My Scorpius serial is now joining The Serialists as well as continuing with the Weekend Writer's Retreat.
To recap this dark fantasy story so far:
As a small boy of seven, Scorpius was fetched from the nursery where he'd been raised to live among the nobility - fetched not by his family, but by a falconer to serve as his apprentice.
Scorpius soon learned that a close encounter with a dragon was preferable to the cruelties of the nobles he'd once hoped were family. His master did whatever he could to shield Scorpius from the world outside their cottage, but the falconer was merely a servant, when all was said and done.
An attempt on the life of a young noble while on a hunt sent the falconer and his apprentice on abruptly different paths.
We continue with Scorpius at age sixteen as he enters the service of Lord Thibault.
You can follow the progress of this story arc by clicking on the Works in Progress link just under the blog header.
Rising stiffly to his knees, arms still wrenched behind him by the iron shackles, Scorpius glanced up into the eyes of the noble.
He was a heartbeat away from lowering his gaze. Serving such men at the hunt demanded it. But quick as a whip crack came Lord Thibault’s words through his mind: “They will not believe your master was the falconer.”
He saw clearly in his mind how the courtiers had sat there glaring, even chained to the hitching posts, even with bruises and swollen lips. The guard detachment had dealt them a bitter taste as to what they could expect, once it came time to answer for their assassination attempt upon his new master. But it had not altered their demeanor in the slightest. They’d not hung their heads nor cowered nor looked away.
So Scorpius wrestled down Richolf’s training to return the nobleman’s stare as though he had a right to do it. After all, hadn’t his former master fetched him from the nursery? Scorpius had been raised to be a little lord himself until the falconer had arrived, providing him with the sanctuary of life out at their cottage.
“Name,” the guard said.
Maintaining eye contact with the noble, as if it were beneath him to address a guard, he said, “Scorpius.”
“Your master,” the guard continued.
Scorpius turned his gaze toward him this time – and his breath hitched in his chest. It was the captain who’d ridden around the bend towards the cottage with the detachment, the same man who’d ordered the guard to dig the arrowhead from Lord Thibault’s shoulder. He’d seen Scorpius at the falconer’s cottage with his own eyes.
Blinking rapidly, Scorpius forced himself to trust in what his new master had said: “They will not believe your master was the falconer.” If that were the case, the guard captain could think as he liked. He looked away from the captain who’d carried himself like a prince that day, once again addressing only the noble. “I have none,” he said as dismissively as he could.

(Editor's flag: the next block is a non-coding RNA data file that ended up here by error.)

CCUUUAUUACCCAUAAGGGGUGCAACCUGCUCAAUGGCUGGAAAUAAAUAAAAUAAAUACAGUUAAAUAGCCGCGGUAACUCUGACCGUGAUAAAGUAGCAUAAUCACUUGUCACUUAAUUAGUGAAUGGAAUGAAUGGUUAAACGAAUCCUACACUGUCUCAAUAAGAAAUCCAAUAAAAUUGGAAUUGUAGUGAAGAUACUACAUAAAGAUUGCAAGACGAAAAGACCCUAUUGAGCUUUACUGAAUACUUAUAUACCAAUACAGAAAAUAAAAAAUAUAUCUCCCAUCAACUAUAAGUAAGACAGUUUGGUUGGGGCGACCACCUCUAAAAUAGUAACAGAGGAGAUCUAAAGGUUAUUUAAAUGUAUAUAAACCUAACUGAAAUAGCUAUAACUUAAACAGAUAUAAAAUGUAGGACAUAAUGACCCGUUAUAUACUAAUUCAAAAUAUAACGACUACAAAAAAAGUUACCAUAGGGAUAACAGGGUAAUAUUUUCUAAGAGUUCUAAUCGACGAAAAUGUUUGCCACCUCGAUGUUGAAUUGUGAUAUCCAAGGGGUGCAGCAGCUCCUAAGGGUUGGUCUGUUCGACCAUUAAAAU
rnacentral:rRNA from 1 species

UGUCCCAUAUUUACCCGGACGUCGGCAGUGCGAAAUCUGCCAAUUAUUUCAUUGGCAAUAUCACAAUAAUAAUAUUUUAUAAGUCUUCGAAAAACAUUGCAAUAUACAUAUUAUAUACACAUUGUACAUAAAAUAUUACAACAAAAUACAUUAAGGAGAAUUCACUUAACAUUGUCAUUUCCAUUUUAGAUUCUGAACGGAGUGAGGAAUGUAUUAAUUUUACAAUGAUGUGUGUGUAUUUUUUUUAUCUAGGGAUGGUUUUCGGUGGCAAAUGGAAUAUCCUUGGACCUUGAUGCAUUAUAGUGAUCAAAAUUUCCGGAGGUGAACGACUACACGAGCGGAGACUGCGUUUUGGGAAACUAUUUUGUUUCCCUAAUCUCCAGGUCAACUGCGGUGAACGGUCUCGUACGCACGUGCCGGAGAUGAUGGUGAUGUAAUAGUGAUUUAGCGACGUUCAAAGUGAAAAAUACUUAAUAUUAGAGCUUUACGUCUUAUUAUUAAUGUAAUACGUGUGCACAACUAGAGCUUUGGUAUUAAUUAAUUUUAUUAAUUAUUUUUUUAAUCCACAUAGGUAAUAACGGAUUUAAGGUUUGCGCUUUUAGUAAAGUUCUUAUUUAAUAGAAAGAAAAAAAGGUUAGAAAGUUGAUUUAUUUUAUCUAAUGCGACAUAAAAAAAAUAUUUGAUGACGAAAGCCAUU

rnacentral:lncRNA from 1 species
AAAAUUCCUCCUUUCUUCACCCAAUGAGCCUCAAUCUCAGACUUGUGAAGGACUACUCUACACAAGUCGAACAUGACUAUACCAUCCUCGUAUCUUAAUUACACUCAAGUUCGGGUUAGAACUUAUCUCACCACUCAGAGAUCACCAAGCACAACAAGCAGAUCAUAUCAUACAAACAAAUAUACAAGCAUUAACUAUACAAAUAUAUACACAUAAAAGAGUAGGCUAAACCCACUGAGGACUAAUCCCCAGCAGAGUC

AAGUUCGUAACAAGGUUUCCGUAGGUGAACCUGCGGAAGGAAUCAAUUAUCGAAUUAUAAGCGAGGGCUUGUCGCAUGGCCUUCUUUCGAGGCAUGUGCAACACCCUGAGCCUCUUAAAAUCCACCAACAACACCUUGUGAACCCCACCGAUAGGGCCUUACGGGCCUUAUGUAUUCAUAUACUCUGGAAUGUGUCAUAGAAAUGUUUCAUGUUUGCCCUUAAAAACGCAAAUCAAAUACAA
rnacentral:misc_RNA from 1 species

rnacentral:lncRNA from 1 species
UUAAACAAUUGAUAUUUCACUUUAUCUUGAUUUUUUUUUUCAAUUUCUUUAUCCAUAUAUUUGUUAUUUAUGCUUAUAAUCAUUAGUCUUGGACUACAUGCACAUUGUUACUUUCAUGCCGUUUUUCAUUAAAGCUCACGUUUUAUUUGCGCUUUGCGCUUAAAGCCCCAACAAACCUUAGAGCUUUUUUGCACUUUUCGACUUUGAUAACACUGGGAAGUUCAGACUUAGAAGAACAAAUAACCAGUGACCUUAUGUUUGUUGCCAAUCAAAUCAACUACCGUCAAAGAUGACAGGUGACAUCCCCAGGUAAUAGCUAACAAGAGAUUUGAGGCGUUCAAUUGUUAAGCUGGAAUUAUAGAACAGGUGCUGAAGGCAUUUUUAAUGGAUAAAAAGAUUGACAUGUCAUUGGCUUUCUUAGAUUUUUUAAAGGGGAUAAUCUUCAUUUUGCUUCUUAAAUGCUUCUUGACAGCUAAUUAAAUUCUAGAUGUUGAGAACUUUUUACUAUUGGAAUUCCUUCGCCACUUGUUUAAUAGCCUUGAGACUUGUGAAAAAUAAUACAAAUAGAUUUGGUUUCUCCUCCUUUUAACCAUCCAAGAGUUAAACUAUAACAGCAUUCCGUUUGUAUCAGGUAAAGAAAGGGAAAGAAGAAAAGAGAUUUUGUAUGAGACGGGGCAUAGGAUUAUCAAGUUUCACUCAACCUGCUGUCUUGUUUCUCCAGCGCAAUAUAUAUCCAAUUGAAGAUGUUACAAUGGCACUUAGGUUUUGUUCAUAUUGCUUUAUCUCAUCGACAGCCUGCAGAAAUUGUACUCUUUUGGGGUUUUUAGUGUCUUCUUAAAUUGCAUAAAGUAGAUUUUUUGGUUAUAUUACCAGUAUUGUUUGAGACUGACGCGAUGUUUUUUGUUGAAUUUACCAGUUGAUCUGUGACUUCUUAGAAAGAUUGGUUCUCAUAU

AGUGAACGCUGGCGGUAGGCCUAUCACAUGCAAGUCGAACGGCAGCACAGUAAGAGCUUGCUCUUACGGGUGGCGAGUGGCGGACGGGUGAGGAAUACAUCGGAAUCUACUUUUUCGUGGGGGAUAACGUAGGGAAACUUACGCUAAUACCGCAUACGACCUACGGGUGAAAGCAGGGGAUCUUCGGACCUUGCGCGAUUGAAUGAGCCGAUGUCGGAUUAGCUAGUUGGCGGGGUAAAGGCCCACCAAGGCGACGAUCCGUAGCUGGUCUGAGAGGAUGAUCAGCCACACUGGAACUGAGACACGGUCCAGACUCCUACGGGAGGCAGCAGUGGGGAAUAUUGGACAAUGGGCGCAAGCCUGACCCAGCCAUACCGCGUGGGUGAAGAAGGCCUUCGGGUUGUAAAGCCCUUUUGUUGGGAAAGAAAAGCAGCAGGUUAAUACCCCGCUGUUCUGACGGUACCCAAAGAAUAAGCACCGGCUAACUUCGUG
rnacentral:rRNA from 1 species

“All men have masters,” the lord said, his deep silky voice suited to a castle’s great hall and not this dank cell. His mouth turned up in a wry smile. "Even I have masters.”
The captain moved slowly to circle behind Scorpius. “You’re a mercenary, then.”
“No.” He’d almost said No, sir. “No, no mercenary.”
Yanking Scorpius’ head back hard, the captain said, “How much did they pay you?”
Turning his alarm into outrage, Scorpius stared down the noble and said nothing. These men no doubt assumed that eventually they would get what they wanted from him. Whether they believed he was a noble or a servant, it was held to be a truth that every man had his breaking point.
Yet Scorpius’ former master had been put to the question and had never broken.
True, his body held the scars that had given Lord Thibault the ammunition he’d needed for his current attempt to right an old wrong. It was also true that Richolf still woke in the night, shrieking and sweating, even all these years later.
But Richolf had survived their torments without giving up the information for which they’d pressed. Perhaps that is why Scorpius was able to meet the quizzical stare of the noble, even as the captain’s fingers pulled cruelly at his hair.
He knew it was possible to survive whatever these men had planned for him. He knew it, and they did not. Yes, he trembled – who would not, after the day he’d spent in chains? Yes, his stomach flipped with dread – if he did not fear what lay in store for him, having treated his former master’s wounds himself, he would not be in control of his senses.
“Come, come,” the noble said suddenly, addressing the captain and flicking his head toward the stool. “Let us not distress our guest.”
Hoisting Scorpius to his feet, the captain dragged him forward to sit roughly upon the stool. How he wished the captain would not stand behind him like that.
The noble rose from his chair to approach Scorpius. Taking deep breaths, Scorpius fought to ignore the way his heart hammered so loudly. In the few short steps it would take to reach him, the lord meant to unravel what his former master had suffered so much to give him.
Clenching his bound fists behind him, Scorpius held his head high, staring hard at the wall in the distance. Whatever they meant to ask him, he did not know the answers. It was just a matter of endurance.
“Why should you care about my master, my lord?” he’d asked Lord Thibault, when they’d still sat upon his horse in safety, on the edge of the estate. “What is he to you?”
“It is not what he means to me,” his new master had cautioned, “but what he means to you that concerns me. You will need to hold onto that dearly.”
In the damp echoing cell, Scorpius filled his mind with the memory of Richolf and held onto it. Richolf had endured. He would show Scorpius how to do the same.
© Julia Smith, 2011